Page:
In the USA federal academic grants are intended to advance scholarly research. When they are approved through "earmarking" they are taken out of competitive science funding and may result in support of projects of a parochial or scientific questionable nature. Such research projects are approved not on the basis of public evaluation of their merits but by an influential politician (usually on an appropriations committee) adding phrases to the fine print of an appropriations bill. Frequently only the sponsor knows the funding is in the bill when Congress approves it. Earmarked projects are never subject to the peer review process whereby the agency allocating the funds seeks the views of a panel of independent experts to evaluate the project. In 1993 25 earmarked projects, ranging from $75,000 to $60 million were challenged.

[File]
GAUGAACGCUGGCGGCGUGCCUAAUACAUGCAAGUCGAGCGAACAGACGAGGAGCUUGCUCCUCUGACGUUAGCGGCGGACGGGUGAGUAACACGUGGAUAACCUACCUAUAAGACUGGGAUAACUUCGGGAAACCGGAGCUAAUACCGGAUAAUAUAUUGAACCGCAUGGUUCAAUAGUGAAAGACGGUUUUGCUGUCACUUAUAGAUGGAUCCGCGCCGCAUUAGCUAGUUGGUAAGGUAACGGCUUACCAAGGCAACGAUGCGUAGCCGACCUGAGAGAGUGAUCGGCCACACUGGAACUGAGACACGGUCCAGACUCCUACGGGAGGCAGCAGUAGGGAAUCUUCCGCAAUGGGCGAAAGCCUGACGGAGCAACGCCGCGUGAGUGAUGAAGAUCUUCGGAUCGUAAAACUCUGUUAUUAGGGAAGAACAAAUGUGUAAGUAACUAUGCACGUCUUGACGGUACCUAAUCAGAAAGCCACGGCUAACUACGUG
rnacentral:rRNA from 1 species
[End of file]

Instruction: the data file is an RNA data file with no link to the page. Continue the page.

In 60 percent of media stories reporting on pharmaceutical breakthroughs or new medical technologies, there is no account given of the link between the researcher and the drug company or medical development firm.